Mozilla ubiquity gives you a command line interface to the web, but how useful is it?

Mozilla Ubiquity is another little project in progress over at Mozilla Labs. It provides a command line interface to the web… well a very small part of it anyway. They released an early alpha version a couple of days ago so I thought I’ll give it a go.

It comes as a Firefox extension that currently works in Windows, OSX (requiring another software download) and partially in Linux. Once you’ve installed the extension you can press ctrl+space to call up a little console. Continue reading “Mozilla Ubiquity”

Mozilla Snowl: Is there really a gap for it to fill?

There are desktop email and feed readers and there are web based feed aggregators. Where does Snowl fit in, and does it provide additional value?

Mozilla have a new project brewing in their labs called Snowl. It is supposed to be An Experiment with Messaging in the Browser

They call it a conversing tool. Its purpose is to help us follow and participate online discussions by helping us keep track of all our conversations.
Continue reading “Mozilla Snowl: Is there really a gap for it to fill?”

Firefox 3 launches with a world record

With 8,002,530 Firefox enters the Guiness Book of World Records for “largest number of
software downloads in 24 hours.” All is not great though

With 8,002,530 Firefox enters the Guiness Book of World Records for “largest number of
software downloads in 24 hours.” Continue reading “Firefox 3 launches with a world record”

Trying out Firefox 3 rc1

On my almost green 1.5GHz VIA computer running linux you can immediately tell that firefox 3 rc1 is a lot more responsive than Firefox 2. The problem is though it doesn’t have support for some of the my Web Development plugins, namely Firbug, HTML Validator and Web Developer.

On my almost green 1.5GHz VIA computer running linux you can immediately tell that firefox 3 rc1 is a lot more responsive than Firefox 2. The problem is though it doesn’t have support for some of the my Web Development plugins, namely Firbug, HTML Validator and Web Developer. I know beta versions of these are available for firefox 3, but I’m feeling a little lazy now to hunt them down and install them. It’ll take more clicks than I’m willing to spare right now! 🙂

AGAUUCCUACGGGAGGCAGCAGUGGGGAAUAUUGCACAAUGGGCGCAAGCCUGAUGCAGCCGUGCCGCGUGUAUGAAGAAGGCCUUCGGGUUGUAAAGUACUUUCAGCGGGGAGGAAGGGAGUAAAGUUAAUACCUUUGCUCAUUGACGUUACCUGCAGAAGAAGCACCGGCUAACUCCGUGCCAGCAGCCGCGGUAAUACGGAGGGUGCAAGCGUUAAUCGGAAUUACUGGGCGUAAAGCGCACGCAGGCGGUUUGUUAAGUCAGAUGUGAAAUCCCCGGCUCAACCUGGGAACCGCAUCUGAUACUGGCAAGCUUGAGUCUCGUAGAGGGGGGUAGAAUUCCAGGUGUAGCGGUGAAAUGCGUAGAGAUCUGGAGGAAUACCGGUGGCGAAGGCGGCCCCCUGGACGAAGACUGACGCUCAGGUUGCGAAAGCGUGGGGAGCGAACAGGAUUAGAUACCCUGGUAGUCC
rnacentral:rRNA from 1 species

Continue reading “Trying out Firefox 3 rc1”

Desktop Applications for GNU/Linux – Part 1: Web Access & Communication

As linux gets more popular, people are asking which applications they can use for browsing the web, office productivity and graphics and video editing etc. Part 1 covers applications Web access and communication.

Despite of being around for years, adoption of GNU/Linux based operating systems in the mainstream desktop has been slow. But now it is getting more coverage thanks to distributions such as Ubuntu, and for being included with some new computers from manufacturers such as Dell.

More people are asking what can I run on it, and what do I use for writing documents, editing photos etc. In this series of articles I will cover a number of common use applications that should be relevant to most people. I’ll start with the mostly used applications in todays average computer. Continue reading “Desktop Applications for GNU/Linux – Part 1: Web Access & Communication”